Minnesota’s ruffed grouse spring drumming counts were significantly lower than last year across most of their range, according to a report released by the Minnesota Department of Natural Resources (DNR).
“It looks like 2009 was probably the peak in the 10-year population cycle,” said Mike Larson, DNR research scientist and grouse biologist. “Drumming counts this spring, however, were still closer to those at the high rather than low end of the cycle.”
Ruffed grouse populations, which tend to rise and fall on a 10-year cycle, are surveyed by counting the number of male ruffed grouse heard drumming on established routes throughout the state’s forested regions. This year observers recorded 1.5 drums per stop statewide. Last year’s average was 2.0 drums per stop. Counts vary from about 0.8 drums per stop during years of low grouse abundance to about 1.9 during years of high abundance.
Drumming counts decreased 31 percent compared to those during 2009 in the northeast survey region, the core and bulk of grouse range in Minnesota, to 1.6 drums per stop. Grouse counts decreased 29 percent in the southeast region, from 0.5 to 0.3 drums per stop, but the difference was not statistically significant. Counts of 1.8 drums per stop in the northwest and 1.0 drums per stop in the central hardwoods were similar to last year’s counts.
Minnesota frequently is the nation’s top ruffed grouse producer. On average, 115,000 hunters harvest 545,000 ruffed grouse in Minnesota each year, also making it the state’s most popular game bird. During the peak years of 1971 and 1989, hunters harvested more than 1 million ruffed grouse. Michigan and Wisconsin, which frequently field more hunters than Minnesota, round out the top three states in ruffed grouse harvest.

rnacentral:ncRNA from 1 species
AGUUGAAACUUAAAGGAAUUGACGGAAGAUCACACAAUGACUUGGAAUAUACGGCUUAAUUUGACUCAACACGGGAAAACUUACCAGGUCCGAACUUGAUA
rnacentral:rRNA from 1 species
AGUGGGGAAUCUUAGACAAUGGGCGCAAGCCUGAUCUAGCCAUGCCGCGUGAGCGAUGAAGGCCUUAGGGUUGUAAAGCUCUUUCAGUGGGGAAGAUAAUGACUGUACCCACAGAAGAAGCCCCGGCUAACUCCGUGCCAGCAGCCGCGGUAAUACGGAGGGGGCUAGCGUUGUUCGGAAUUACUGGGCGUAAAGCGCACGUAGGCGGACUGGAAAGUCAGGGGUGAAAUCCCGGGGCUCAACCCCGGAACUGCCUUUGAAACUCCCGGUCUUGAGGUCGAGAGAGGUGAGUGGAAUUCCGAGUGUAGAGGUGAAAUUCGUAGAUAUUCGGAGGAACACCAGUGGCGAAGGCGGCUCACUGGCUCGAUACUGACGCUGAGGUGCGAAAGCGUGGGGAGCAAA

One reason for the Minnesota’s status as a top grouse producer is an abundance of aspen and other ruffed grouse habitat, much of it located on county, state and national forests, where public hunting is allowed. An estimated 11.5 million of the state’s 16.3 million acres of forest are grouse habitat.
For the past 60 years, DNR biologists have monitored ruffed grouse populations. This year,
DNR staff and cooperators from 15 organizations surveyed 125 routes across the state.
Sharp-tailed counts dOWN slightly
Sharp-tailed grouse counts in the northwest survey region decreased approximately 5 percent between 2009 and 2010, Larson said. Counts in the east-central region declined approximately 1 percent. Observers look for male sharptails displaying on traditional mating areas, called leks or dancing grounds. This year’s statewide average of 10.7 grouse counted per dancing ground was similar to counts during 2003 to 2007 and the long-term average since 1980. Last year’s average of 13.6 was as high as during any year since 1980. During the past 25 years, the sharp-tailed grouse index has been as low as seven birds counted per dancing ground.
Overall, sharptail populations appear to have declined over the long term as a result of habitat deterioration. In recent years, the DNR has increased prescribed burning and shearing that keep trees from overtaking the open brush lands that sharp-tailed grouse need to thrive.
The DNR’s 2010 grouse survey report, which contains information on ruffed grouse and sharp-tailed grouse, will be available soon online at www.mndnr.gov/hunting/grouse.